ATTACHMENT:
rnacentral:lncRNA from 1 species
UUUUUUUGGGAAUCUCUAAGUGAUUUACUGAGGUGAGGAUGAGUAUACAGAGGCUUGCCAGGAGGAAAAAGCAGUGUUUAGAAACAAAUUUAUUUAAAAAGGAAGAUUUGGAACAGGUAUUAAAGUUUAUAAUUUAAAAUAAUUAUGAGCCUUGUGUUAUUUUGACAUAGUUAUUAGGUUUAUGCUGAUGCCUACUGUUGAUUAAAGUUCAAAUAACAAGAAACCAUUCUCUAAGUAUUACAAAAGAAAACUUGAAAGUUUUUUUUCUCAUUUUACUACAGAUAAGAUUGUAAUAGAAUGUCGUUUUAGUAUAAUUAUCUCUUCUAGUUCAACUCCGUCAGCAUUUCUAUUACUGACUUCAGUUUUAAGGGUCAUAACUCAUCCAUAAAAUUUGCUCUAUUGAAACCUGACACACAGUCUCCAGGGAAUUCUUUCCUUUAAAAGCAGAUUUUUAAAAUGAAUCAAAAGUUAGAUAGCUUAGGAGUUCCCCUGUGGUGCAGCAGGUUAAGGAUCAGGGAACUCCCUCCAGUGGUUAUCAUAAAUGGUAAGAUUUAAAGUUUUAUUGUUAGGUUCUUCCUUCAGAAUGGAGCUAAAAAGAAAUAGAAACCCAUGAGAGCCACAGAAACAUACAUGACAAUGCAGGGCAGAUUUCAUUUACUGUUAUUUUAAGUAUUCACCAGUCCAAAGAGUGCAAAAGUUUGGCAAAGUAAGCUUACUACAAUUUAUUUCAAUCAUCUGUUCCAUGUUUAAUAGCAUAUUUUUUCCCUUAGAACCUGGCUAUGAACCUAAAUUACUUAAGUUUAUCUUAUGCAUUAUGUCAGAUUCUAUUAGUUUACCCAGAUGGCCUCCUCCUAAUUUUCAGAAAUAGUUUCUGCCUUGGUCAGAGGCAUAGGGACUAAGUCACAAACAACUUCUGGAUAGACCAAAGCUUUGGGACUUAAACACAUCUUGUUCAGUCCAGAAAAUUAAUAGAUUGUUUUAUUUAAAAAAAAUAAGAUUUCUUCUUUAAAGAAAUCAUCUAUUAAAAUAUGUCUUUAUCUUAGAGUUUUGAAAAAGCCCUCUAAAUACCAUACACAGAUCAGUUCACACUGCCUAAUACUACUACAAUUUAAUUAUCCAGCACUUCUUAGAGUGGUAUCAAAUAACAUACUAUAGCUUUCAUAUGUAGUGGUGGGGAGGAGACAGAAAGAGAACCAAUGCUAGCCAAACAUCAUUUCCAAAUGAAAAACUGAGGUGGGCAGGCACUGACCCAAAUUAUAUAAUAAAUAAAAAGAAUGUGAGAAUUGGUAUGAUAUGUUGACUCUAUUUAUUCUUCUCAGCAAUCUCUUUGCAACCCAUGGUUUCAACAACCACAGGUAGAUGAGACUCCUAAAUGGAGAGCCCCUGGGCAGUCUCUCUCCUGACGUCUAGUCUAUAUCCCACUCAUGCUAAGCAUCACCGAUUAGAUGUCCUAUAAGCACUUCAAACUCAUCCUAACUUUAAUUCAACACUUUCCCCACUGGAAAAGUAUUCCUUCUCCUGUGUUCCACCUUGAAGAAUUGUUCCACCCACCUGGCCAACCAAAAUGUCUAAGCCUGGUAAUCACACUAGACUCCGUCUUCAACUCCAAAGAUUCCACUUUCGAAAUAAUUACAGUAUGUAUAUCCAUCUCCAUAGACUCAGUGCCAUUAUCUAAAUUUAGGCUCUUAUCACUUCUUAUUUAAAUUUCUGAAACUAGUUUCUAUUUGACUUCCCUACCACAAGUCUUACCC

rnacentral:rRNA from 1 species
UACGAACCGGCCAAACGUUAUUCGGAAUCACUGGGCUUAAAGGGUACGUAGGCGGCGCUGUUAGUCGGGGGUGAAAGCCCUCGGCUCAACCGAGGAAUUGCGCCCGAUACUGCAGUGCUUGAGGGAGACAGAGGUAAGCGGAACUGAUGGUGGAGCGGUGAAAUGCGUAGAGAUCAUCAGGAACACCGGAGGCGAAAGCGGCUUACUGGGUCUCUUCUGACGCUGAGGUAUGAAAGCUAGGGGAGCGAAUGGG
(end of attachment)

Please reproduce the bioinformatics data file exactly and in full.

rnacentral:lncRNA from 1 species
UUUUUUUGGGAAUCUCUAAGUGAUUUACUGAGGUGAGGAUGAGUAUACAGAGGCUUGCCAGGAGGAAAAAGCAGUGUUUAGAAACAAAUUUAUUUAAAAAGGAAGAUUUGGAACAGGUAUUAAAGUUUAUAAUUUAAAAUAAUUAUGAGCCUUGUGUUAUUUUGACAUAGUUAUUAGGUUUAUGCUGAUGCCUACUGUUGAUUAAAGUUCAAAUAACAAGAAACCAUUCUCUAAGUAUUACAAAAGAAAACUUGAAAGUUUUUUUUCUCAUUUUACUACAGAUAAGAUUGUAAUAGAAUGUCGUUUUAGUAUAAUUAUCUCUUCUAGUUCAACUCCGUCAGCAUUUCUAUUACUGACUUCAGUUUUAAGGGUCAUAACUCAUCCAUAAAAUUUGCUCUAUUGAAACCUGACACACAGUCUCCAGGGAAUUCUUUCCUUUAAAAGCAGAUUUUUAAAAUGAAUCAAAAGUUAGAUAGCUUAGGAGUUCCCCUGUGGUGCAGCAGGUUAAGGAUCAGGGAACUCCCUCCAGUGGUUAUCAUAAAUGGUAAGAUUUAAAGUUUUAUUGUUAGGUUCUUCCUUCAGAAUGGAGCUAAAAAGAAAUAGAAACCCAUGAGAGCCACAGAAACAUACAUGACAAUGCAGGGCAGAUUUCAUUUACUGUUAUUUUAAGUAUUCACCAGUCCAAAGAGUGCAAAAGUUUGGCAAAGUAAGCUUACUACAAUUUAUUUCAAUCAUCUGUUCCAUGUUUAAUAGCAUAUUUUUUCCCUUAGAACCUGGCUAUGAACCUAAAUUACUUAAGUUUAUCUUAUGCAUUAUGUCAGAUUCUAUUAGUUUACCCAGAUGGCCUCCUCCUAAUUUUCAGAAAUAGUUUCUGCCUUGGUCAGAGGCAUAGGGACUAAGUCACAAACAACUUCUGGAUAGACCAAAGCUUUGGGACUUAAACACAUCUUGUUCAGUCCAGAAAAUUAAUAGAUUGUUUUAUUUAAAAAAAAUAAGAUUUCUUCUUUAAAGAAAUCAUCUAUUAAAAUAUGUCUUUAUCUUAGAGUUUUGAAAAAGCCCUCUAAAUACCAUACACAGAUCAGUUCACACUGCCUAAUACUACUACAAUUUAAUUAUCCAGCACUUCUUAGAGUGGUAUCAAAUAACAUACUAUAGCUUUCAUAUGUAGUGGUGGGGAGGAGACAGAAAGAGAACCAAUGCUAGCCAAACAUCAUUUCCAAAUGAAAAACUGAGGUGGGCAGGCACUGACCCAAAUUAUAUAAUAAAUAAAAAGAAUGUGAGAAUUGGUAUGAUAUGUUGACUCUAUUUAUUCUUCUCAGCAAUCUCUUUGCAACCCAUGGUUUCAACAACCACAGGUAGAUGAGACUCCUAAAUGGAGAGCCCCUGGGCAGUCUCUCUCCUGACGUCUAGUCUAUAUCCCACUCAUGCUAAGCAUCACCGAUUAGAUGUCCUAUAAGCACUUCAAACUCAUCCUAACUUUAAUUCAACACUUUCCCCACUGGAAAAGUAUUCCUUCUCCUGUGUUCCACCUUGAAGAAUUGUUCCACCCACCUGGCCAACCAAAAUGUCUAAGCCUGGUAAUCACACUAGACUCCGUCUUCAACUCCAAAGAUUCCACUUUCGAAAUAAUUACAGUAUGUAUAUCCAUCUCCAUAGACUCAGUGCCAUUAUCUAAAUUUAGGCUCUUAUCACUUCUUAUUUAAAUUUCUGAAACUAGUUUCUAUUUGACUUCCCUACCACAAGUCUUACCC

rnacentral:rRNA from 1 species
UACGAACCGGCCAAACGUUAUUCGGAAUCACUGGGCUUAAAGGGUACGUAGGCGGCGCUGUUAGUCGGGGGUGAAAGCCCUCGGCUCAACCGAGGAAUUGCGCCCGAUACUGCAGUGCUUGAGGGAGACAGAGGUAAGCGGAACUGAUGGUGGAGCGGUGAAAUGCGUAGAGAUCAUCAGGAACACCGGAGGCGAAAGCGGCUUACUGGGUCUCUUCUGACGCUGAGGUAUGAAAGCUAGGGGAGCGAAUGGG